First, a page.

Utah has had an interesting past, but fewer stories send more chills up the backs of its historians than the ghoulish 1862 tale of Jean Baptiste — a man who is believed to have robbed as many as 300 graves in a Salt Lake cemetery. He was banished to the remote islands of the Great Salt Lake (first, Antelope, then Fremont) for his heinous crimes.
This film takes those gruesome details, but adds a “Les Mis” type of redemption story, which gives it a whole different twist.
And while I applaud the local filmmakers for taking on a subject entirely new (pretty sure no one will be comparing this to Napoleon Dynamite), it is disconcerting that they’ve turned it into a movie about forgiveness, when from all accounts, it was more like an act of quiet vengeance.
At issue is how much of an impact the great frontier lawman Henry Heath had on the banished prisoner Baptiste.
The film shows Heath rowing out to Antelope Island regularly to deliver food staples to the condemned man. The two develop an awkward relationship, as Lawman Heath protects Baptiste from angry family members who wanted him dead.
Historical accounts state only that the prisoner was delivered unshackled to the Great Salt Lake in early spring of 1862. He was tattooed with “For Robbing the Dead” on his forehead and had his ears cropped (like a cattle marking). Soon after, he dismantled a cattleman’s supply shack on Fremont Island, apparently constructed a makeshift raft and disappeared. Did he drown? Did he escape? No one knows.
“Redemption” suggests several encounters between Heath and Baptiste, in which they discussed the afterlife and how the soul leaves the body at death, which is why the grave robber had no qualms taking the clothes of the buried and chopping up their coffins for firewood.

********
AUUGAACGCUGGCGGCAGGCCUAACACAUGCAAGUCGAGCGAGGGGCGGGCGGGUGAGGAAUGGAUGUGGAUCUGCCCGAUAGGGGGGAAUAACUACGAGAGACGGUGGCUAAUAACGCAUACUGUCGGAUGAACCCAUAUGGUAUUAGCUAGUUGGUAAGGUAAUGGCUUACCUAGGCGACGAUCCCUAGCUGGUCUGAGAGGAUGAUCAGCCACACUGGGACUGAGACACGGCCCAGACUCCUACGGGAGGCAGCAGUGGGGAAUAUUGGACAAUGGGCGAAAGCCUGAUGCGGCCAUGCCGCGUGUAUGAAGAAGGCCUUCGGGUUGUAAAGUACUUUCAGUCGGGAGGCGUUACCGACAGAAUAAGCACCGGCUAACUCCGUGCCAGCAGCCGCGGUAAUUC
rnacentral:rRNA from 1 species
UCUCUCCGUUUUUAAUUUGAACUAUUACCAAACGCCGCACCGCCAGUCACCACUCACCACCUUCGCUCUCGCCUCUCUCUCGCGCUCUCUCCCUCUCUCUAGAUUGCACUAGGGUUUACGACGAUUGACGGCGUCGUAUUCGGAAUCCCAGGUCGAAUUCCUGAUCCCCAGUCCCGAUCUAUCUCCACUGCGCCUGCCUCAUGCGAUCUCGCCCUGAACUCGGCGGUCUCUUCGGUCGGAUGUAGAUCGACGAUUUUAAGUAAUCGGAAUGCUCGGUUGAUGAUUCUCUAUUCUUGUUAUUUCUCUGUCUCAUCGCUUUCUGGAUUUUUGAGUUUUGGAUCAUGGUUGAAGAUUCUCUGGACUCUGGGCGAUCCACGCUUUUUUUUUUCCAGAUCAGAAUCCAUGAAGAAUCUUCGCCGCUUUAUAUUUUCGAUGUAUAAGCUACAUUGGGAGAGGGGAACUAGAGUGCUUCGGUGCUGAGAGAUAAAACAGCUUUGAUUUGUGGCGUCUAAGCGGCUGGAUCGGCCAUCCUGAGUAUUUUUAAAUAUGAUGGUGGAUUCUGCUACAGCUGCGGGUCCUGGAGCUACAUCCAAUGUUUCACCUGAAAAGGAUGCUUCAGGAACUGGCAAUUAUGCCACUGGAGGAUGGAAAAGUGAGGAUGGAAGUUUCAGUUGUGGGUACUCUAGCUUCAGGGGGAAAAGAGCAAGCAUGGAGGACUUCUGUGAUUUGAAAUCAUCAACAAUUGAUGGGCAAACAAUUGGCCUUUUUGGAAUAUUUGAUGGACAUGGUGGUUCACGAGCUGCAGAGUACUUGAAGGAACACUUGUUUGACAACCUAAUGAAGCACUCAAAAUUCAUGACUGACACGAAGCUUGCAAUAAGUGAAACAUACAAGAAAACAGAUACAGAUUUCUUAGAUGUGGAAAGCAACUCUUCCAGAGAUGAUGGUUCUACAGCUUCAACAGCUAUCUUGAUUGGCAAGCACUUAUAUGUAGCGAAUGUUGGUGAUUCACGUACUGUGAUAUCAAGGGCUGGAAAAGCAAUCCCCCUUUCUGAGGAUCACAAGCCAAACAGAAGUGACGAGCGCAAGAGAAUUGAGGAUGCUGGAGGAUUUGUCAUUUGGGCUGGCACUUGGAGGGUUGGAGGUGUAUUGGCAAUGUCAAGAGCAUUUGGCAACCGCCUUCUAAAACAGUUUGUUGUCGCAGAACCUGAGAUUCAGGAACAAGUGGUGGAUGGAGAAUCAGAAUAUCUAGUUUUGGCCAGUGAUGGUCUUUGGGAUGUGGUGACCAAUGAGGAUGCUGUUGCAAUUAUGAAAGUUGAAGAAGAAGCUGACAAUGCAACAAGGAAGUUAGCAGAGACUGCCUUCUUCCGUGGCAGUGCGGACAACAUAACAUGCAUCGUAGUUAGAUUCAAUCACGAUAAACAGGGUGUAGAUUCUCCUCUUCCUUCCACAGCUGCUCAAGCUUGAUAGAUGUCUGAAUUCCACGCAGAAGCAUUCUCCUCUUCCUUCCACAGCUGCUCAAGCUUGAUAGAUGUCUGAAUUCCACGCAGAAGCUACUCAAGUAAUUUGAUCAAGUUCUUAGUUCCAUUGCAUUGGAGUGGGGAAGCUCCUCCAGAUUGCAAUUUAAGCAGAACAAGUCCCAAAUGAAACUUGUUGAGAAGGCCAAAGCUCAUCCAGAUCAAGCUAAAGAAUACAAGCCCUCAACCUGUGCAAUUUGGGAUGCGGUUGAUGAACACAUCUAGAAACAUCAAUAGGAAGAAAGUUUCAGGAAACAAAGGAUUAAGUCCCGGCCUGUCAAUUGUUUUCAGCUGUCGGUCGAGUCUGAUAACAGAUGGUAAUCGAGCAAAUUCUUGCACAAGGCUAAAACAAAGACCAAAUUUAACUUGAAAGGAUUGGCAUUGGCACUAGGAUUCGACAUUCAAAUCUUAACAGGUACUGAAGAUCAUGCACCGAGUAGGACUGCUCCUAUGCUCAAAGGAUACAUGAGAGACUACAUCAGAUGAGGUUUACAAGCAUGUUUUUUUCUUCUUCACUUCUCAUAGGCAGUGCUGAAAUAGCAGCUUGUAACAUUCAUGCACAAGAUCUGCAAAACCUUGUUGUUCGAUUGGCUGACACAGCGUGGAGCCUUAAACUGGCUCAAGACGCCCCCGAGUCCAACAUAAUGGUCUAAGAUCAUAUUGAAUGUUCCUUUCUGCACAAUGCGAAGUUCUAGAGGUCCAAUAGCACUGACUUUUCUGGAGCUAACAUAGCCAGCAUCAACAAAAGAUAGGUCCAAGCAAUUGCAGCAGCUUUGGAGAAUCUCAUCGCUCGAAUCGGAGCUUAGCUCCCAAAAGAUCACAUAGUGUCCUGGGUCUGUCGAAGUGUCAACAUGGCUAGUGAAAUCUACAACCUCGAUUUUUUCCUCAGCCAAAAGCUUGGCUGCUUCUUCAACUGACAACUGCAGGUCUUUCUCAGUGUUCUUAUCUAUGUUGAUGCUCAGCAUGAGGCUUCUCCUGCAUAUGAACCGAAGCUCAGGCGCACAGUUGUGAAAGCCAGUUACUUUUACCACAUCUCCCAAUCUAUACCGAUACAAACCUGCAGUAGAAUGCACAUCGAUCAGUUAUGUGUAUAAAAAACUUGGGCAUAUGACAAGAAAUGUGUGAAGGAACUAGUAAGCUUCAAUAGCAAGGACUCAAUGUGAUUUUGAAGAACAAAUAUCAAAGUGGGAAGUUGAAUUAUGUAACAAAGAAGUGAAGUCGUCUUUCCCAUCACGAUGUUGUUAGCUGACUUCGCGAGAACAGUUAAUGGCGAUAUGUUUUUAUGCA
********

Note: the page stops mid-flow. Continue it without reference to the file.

The movie also suggests that Heath’s wife finds the burial garment of their own recently deceased daughter among Baptiste’s horrifying collection, but keeps it a secret from her husband out of fear of what he might do.
At this point, I’m thinking: What would I do?
As far as the movie itself, it was a surprise to see some fairly well-known actors amidst the local talent, including Barry Corbin of “Northern Exposure,” Margot Kidder of “Superman,” Jon Gries of “Napoleon Dynamite” and a brief cameo from Edward Herrmann of “Harry’s War.”
The movie is a decent production given the limited funds the filmmakers had. You could definitely see the difference in skills between the veteran actors and the others, though I must admit the men who played Heath (John Freeman) and Baptiste (David Stevens) were both quite good and believable.
I guess it just gnaws on me that the filmmakers took a gripping real-life story and turned it into a how-far-will-you-go-to-forgive-a-person, upbeat religious allegory.
Brigham Young himself said, “Killing is too good for him.” And “to shoot or hang (him) would not satisfy my feelings at all.”
You don’t think one of the 300 listeners of that speech didn’t think to themselves, “Don’t worry Brother Brigham, I’ve got this one.”
I liked the film and would have liked it more without all of the extraneous grandstanding. The man was a ghoul. He disappeared. End of story.